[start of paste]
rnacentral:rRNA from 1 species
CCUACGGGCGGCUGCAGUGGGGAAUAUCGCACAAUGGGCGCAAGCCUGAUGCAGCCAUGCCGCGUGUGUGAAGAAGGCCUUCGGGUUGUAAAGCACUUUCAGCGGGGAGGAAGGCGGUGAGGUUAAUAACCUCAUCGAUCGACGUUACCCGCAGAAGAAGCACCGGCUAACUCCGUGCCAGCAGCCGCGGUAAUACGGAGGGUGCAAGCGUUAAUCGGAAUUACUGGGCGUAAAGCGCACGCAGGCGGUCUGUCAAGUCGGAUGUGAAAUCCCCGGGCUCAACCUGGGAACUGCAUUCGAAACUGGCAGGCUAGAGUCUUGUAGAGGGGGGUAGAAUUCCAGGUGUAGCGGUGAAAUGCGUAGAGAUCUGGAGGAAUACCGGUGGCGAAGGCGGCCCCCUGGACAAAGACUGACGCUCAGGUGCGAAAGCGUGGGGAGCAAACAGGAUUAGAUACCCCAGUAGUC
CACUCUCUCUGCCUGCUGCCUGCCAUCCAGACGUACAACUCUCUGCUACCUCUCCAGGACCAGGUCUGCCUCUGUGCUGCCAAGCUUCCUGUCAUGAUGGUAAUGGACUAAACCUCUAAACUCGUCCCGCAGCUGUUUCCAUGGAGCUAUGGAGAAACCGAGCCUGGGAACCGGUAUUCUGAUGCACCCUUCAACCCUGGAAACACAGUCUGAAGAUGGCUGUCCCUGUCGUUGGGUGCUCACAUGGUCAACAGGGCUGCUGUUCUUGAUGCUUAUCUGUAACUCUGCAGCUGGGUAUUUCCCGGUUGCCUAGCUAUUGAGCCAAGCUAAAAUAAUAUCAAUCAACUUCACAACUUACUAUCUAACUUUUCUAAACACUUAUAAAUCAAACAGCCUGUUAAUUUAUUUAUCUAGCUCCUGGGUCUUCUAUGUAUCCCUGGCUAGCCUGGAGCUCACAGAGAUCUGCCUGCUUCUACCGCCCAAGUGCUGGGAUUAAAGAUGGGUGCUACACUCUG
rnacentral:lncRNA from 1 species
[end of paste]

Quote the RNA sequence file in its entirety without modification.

rnacentral:rRNA from 1 species
CCUACGGGCGGCUGCAGUGGGGAAUAUCGCACAAUGGGCGCAAGCCUGAUGCAGCCAUGCCGCGUGUGUGAAGAAGGCCUUCGGGUUGUAAAGCACUUUCAGCGGGGAGGAAGGCGGUGAGGUUAAUAACCUCAUCGAUCGACGUUACCCGCAGAAGAAGCACCGGCUAACUCCGUGCCAGCAGCCGCGGUAAUACGGAGGGUGCAAGCGUUAAUCGGAAUUACUGGGCGUAAAGCGCACGCAGGCGGUCUGUCAAGUCGGAUGUGAAAUCCCCGGGCUCAACCUGGGAACUGCAUUCGAAACUGGCAGGCUAGAGUCUUGUAGAGGGGGGUAGAAUUCCAGGUGUAGCGGUGAAAUGCGUAGAGAUCUGGAGGAAUACCGGUGGCGAAGGCGGCCCCCUGGACAAAGACUGACGCUCAGGUGCGAAAGCGUGGGGAGCAAACAGGAUUAGAUACCCCAGUAGUC
CACUCUCUCUGCCUGCUGCCUGCCAUCCAGACGUACAACUCUCUGCUACCUCUCCAGGACCAGGUCUGCCUCUGUGCUGCCAAGCUUCCUGUCAUGAUGGUAAUGGACUAAACCUCUAAACUCGUCCCGCAGCUGUUUCCAUGGAGCUAUGGAGAAACCGAGCCUGGGAACCGGUAUUCUGAUGCACCCUUCAACCCUGGAAACACAGUCUGAAGAUGGCUGUCCCUGUCGUUGGGUGCUCACAUGGUCAACAGGGCUGCUGUUCUUGAUGCUUAUCUGUAACUCUGCAGCUGGGUAUUUCCCGGUUGCCUAGCUAUUGAGCCAAGCUAAAAUAAUAUCAAUCAACUUCACAACUUACUAUCUAACUUUUCUAAACACUUAUAAAUCAAACAGCCUGUUAAUUUAUUUAUCUAGCUCCUGGGUCUUCUAUGUAUCCCUGGCUAGCCUGGAGCUCACAGAGAUCUGCCUGCUUCUACCGCCCAAGUGCUGGGAUUAAAGAUGGGUGCUACACUCUG
rnacentral:lncRNA from 1 species